And then suddenly I had a month left. I planned to leave in style, a final weekend with the boys down in Cardiff, before moving out of the house I shared with Claire to stay rent free with a friend for the last ten days. My life in London was finally coming to a close.

“Hey Babes, it’s me. I’ve got some great news for ya.”
“Oh yeah? I hope it’s about the weather; I’m sick of the grey skies and bloody rain here. Tell me it’s sunny in Sydney right now.”
“It’s bloody gorgeous mate! You should see the sky here at the moment, bloody lovely… Look, I can’t talk long; I just wanted to let you know I’ve found you a place. A studio in Potts Point, overlooking the water, furnished, it’s perfect. A friend of mine is renting it out, I’ve spoken to him already and he’s happy to let you have it. I’ll pick you up from the airport and we’ll go straight to the estate agents to sign the paperwork and pick up the keys. I can’t believe it, bloody perfect timing… Err are you still there?”
“Sorry I’m just a bit gob smacked. To think in a week I’ll be living in Sydney!”

Kingsford Smith International Airport is the gateway between Sydney and the rest of the world. It’s named after Charles Kingsford Smith; one of Australia’s pioneering aviators. He made the first trans-Pacific flight from the United States to Australia. He also made the first non-stop crossing of the Australian mainland, the first flights between Australia and New Zealand and the first eastward Pacific crossing from Australia to the United States (thanks Wikipedia). Ironically few people outside of Sydney let alone the rest of the world know who he was. And I think Sydneysiders know of him only in reference to their Airport. He was also saved from drowning by a group of bathers at Bondi Beach. This same group of bathers went on to form the world’s first official lifesavers a week later, probably in response to his rescue, so he’s also inadvertently responsible for hot blokes in tiny Speedos (called budgie smugglers by the locals – a budgie being a small bird) running around dragging hapless souls from the water while pulling said Speedos as far up their bums as possible. I’m not sure whether this improves their speed in the water but as the locals say, “it’s a good look”, so who cares.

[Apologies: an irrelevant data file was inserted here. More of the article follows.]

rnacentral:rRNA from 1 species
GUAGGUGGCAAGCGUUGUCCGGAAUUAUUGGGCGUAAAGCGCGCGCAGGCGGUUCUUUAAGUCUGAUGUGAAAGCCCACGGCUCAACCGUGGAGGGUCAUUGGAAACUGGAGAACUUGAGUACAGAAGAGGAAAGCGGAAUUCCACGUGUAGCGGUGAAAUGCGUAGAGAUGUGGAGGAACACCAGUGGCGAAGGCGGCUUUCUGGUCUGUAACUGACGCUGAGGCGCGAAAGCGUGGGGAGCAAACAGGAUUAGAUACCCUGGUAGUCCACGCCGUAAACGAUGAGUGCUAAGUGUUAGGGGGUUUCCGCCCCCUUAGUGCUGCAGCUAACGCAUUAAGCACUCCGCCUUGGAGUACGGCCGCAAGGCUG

Unlike so many other aiports, Kingsford Smith seems to spit you out fairly quickly and it was only half an hour between landing and standing nervously at the gate, having  survived immigration, baggage claim and customs; my eyes flitting back and forth hoping to catch a glimpse of Tom amidst the sea of people waiting to greet their loved ones.

“Hey there stranger.”
I felt a tap on my shoulder and turned around to be blinded by the pearly whites of Tom’s beaming smile. I dropped my carry on and threw my arms around his tall, lean frame.
“You look good, you’ve caught the sun.”
“Yeah well we had a long summer, although it seems like years ago, it is May now y’know, I hope you’re not expecting to hit the beach anytime soon.”
“It’s so good to see you!”
“Yeah well and it’s good to have you here too. It’s been a long time coming.” Tom held me at arms length and looked me up and down, wrinkling his nose “You’ve put on weight.”
I must have looked taken aback: It was true I’d put on a few pounds in the year in the UK, nothing extreme though, but as an opener from Tom I was certainly surprised. He saw the look on my face and changed the subject, “C’mon we can catch up in the cab.”

Tom grabbed my large suitcase, leaving me to pull the smaller carry on case and wove his way through the crowd.